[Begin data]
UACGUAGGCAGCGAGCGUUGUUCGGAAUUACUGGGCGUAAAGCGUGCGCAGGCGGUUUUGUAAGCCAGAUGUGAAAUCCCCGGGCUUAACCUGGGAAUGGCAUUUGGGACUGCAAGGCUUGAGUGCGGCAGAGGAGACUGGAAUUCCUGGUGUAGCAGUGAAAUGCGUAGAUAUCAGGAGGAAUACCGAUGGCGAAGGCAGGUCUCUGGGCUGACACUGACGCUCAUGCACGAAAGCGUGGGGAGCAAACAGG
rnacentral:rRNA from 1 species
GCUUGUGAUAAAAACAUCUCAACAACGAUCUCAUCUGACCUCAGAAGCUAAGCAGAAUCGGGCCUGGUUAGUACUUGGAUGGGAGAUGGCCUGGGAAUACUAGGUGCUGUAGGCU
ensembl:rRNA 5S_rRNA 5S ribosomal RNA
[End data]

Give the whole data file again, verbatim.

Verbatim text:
UACGUAGGCAGCGAGCGUUGUUCGGAAUUACUGGGCGUAAAGCGUGCGCAGGCGGUUUUGUAAGCCAGAUGUGAAAUCCCCGGGCUUAACCUGGGAAUGGCAUUUGGGACUGCAAGGCUUGAGUGCGGCAGAGGAGACUGGAAUUCCUGGUGUAGCAGUGAAAUGCGUAGAUAUCAGGAGGAAUACCGAUGGCGAAGGCAGGUCUCUGGGCUGACACUGACGCUCAUGCACGAAAGCGUGGGGAGCAAACAGG
rnacentral:rRNA from 1 species
GCUUGUGAUAAAAACAUCUCAACAACGAUCUCAUCUGACCUCAGAAGCUAAGCAGAAUCGGGCCUGGUUAGUACUUGGAUGGGAGAUGGCCUGGGAAUACUAGGUGCUGUAGGCU
ensembl:rRNA 5S_rRNA 5S ribosomal RNA